From web to paper – The Open Laboratory: The Best Writing on Science Blogs. Here is how it all started
The advocates of the new thinking in science education put great store by their emphasis on science education for the citizen, otherwise known as ‘scientific literacy’. But will turning off the Bunsen Burners and forcing students to focus on scientific issues and controversies encourage budding scientists, or put them off even more? In this provocative essay David Perks, head of physics at a London state secondary school, argues that attempts to make school science more popular by making it more ‘relevant’ are giving today’s students a watered-down science education that will not produce the scientists we need.
Discovery magazine presents the “25 Greatest Science Books of All-Time” on its December issue, “the essential reading list for anyone interested in science”. But you are envited to cast cast your vote until December 15 on the “Poll: What’s the Greatest Science Book of All-Time?”.
The Science Museum, London, and the Sun newspaper have published a book “presenting the greatest developments in the history of science”: Giant Leaps.
The right hand pages are written in the style of a sensational Sun front-page scoop, whilst the left hand pages give a more serious but nonetheless accessible account of the key event.
The book, by Lars Lindberg Christensen, The Hands-On Guide for Science Communicators: A Step-by-Step Approach to Public Outreach will soon be available.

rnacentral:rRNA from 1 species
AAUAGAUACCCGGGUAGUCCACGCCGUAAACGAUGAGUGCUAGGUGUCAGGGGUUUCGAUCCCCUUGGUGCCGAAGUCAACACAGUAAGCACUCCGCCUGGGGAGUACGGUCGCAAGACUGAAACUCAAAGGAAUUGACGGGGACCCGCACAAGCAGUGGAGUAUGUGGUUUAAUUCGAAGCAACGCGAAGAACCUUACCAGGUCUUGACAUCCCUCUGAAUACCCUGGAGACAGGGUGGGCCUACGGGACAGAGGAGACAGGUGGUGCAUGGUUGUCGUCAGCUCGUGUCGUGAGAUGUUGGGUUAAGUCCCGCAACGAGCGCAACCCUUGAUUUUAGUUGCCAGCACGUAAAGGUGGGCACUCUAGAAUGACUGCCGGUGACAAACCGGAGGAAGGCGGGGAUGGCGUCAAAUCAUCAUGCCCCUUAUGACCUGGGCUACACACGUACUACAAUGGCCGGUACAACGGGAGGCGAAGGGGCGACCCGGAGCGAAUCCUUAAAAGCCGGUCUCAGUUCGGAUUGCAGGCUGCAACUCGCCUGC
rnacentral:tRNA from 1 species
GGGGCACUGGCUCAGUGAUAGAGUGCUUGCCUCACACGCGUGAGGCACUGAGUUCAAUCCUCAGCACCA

Worth reading – “Every 52 seconds”: wrong by 23,736 percent?
The Stevens Institute of Technology is compilling the 100 greatest science books published since 1900. The first 30 have already been chosen.
From New Scientist: Bernard Haisch, an astrophysicist, has writen the book “The God Theory”, which is “his attempt to reconcile his scientific knowledge with the idea of a purposeful universe”.
The Royal Society’s Aventis Prizes for Science Books “are an annual book prize, which celebrate the very best in popular science writing for adults and children”.
A Royal Society, the UK national academy of science, report: Science and the public interest
Published by VU University Press and Da Vinci Institute: Science and the power of TV.
Published by Columbia University Press, The Beginner’s Guide to Winning the Nobel Prize by Peter Doherty.
“American Prometheus: The Triumph and Tragedy of J. Robert Oppenheimer” by Kai Bird and Martin J. Sherwin (Alfred A. Knopf), a biography of the physicist J. Robert Oppenheimer, won a Pulitzer Prize.
The Wellcome Library collates a monthly round-up of books, reports and articles . Topics covered include:
* Science in society
* Public attitudes and participation
* Science and art
* Science and religion
* Science and the media
* Science communication
* Science education
* Science museums and science centres
Previous months can be browsed or searched in the bibliographic database.
The latest bibliography is now available.
Here’s a recent French book on science communication: La publicisation de la science : Exposer, communiquer, débattre, publier, vulgariser.